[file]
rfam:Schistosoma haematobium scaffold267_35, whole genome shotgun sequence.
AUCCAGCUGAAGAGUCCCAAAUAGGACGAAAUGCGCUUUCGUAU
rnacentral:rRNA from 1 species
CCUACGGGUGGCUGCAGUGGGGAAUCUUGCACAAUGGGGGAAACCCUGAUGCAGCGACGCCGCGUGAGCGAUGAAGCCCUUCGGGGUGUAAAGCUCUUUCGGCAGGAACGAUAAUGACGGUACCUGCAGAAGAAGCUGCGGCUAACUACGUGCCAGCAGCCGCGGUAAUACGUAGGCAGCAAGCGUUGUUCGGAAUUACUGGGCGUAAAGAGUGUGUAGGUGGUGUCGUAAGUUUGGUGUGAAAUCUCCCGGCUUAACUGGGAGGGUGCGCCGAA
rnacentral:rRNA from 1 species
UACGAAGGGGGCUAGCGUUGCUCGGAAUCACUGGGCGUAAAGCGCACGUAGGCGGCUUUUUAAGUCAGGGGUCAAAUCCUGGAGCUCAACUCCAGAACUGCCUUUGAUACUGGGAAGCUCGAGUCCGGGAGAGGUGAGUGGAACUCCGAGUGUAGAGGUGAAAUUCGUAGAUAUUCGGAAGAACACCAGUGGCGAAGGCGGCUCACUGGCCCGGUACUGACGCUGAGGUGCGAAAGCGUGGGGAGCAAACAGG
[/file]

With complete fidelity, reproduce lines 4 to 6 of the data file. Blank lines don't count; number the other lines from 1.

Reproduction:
CCUACGGGUGGCUGCAGUGGGGAAUCUUGCACAAUGGGGGAAACCCUGAUGCAGCGACGCCGCGUGAGCGAUGAAGCCCUUCGGGGUGUAAAGCUCUUUCGGCAGGAACGAUAAUGACGGUACCUGCAGAAGAAGCUGCGGCUAACUACGUGCCAGCAGCCGCGGUAAUACGUAGGCAGCAAGCGUUGUUCGGAAUUACUGGGCGUAAAGAGUGUGUAGGUGGUGUCGUAAGUUUGGUGUGAAAUCUCCCGGCUUAACUGGGAGGGUGCGCCGAA
rnacentral:rRNA from 1 species
UACGAAGGGGGCUAGCGUUGCUCGGAAUCACUGGGCGUAAAGCGCACGUAGGCGGCUUUUUAAGUCAGGGGUCAAAUCCUGGAGCUCAACUCCAGAACUGCCUUUGAUACUGGGAAGCUCGAGUCCGGGAGAGGUGAGUGGAACUCCGAGUGUAGAGGUGAAAUUCGUAGAUAUUCGGAAGAACACCAGUGGCGAAGGCGGCUCACUGGCCCGGUACUGACGCUGAGGUGCGAAAGCGUGGGGAGCAAACAGG